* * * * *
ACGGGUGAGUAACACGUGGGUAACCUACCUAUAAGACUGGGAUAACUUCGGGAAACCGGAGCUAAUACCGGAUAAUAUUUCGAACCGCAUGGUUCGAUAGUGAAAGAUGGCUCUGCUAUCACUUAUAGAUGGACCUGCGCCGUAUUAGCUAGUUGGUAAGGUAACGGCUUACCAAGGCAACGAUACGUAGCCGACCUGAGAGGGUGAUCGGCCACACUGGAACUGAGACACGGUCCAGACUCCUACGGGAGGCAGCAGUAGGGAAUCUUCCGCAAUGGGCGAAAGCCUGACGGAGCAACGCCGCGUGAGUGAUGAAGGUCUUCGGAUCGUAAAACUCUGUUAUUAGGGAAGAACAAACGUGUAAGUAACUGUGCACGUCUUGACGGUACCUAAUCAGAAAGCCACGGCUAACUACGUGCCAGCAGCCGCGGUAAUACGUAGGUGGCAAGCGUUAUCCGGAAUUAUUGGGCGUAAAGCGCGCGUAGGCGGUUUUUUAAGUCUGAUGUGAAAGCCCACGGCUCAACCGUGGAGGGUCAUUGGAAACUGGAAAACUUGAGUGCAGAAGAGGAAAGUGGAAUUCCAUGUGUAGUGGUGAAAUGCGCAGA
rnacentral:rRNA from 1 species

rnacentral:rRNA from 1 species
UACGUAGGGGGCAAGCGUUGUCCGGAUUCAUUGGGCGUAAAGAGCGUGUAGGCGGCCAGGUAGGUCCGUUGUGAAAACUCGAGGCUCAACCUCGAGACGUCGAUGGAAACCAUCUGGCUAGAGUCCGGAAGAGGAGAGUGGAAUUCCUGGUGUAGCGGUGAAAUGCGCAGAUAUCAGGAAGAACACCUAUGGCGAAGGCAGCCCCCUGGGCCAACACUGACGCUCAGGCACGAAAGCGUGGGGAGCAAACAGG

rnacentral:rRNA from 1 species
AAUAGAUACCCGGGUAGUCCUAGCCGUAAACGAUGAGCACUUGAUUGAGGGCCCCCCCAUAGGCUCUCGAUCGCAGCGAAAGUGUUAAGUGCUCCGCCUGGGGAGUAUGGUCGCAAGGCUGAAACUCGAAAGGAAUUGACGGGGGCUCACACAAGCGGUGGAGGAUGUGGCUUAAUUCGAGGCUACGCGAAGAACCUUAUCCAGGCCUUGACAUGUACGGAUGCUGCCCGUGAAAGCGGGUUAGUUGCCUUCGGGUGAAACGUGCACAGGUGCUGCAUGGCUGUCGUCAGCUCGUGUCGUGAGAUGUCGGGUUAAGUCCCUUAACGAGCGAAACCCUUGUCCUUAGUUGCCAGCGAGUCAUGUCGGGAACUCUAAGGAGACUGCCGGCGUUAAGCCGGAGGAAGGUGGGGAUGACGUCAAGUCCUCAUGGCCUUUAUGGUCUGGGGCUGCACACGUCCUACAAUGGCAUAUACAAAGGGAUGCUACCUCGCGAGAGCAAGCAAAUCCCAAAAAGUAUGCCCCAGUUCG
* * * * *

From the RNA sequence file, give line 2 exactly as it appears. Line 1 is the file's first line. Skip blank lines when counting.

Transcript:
rnacentral:rRNA from 1 species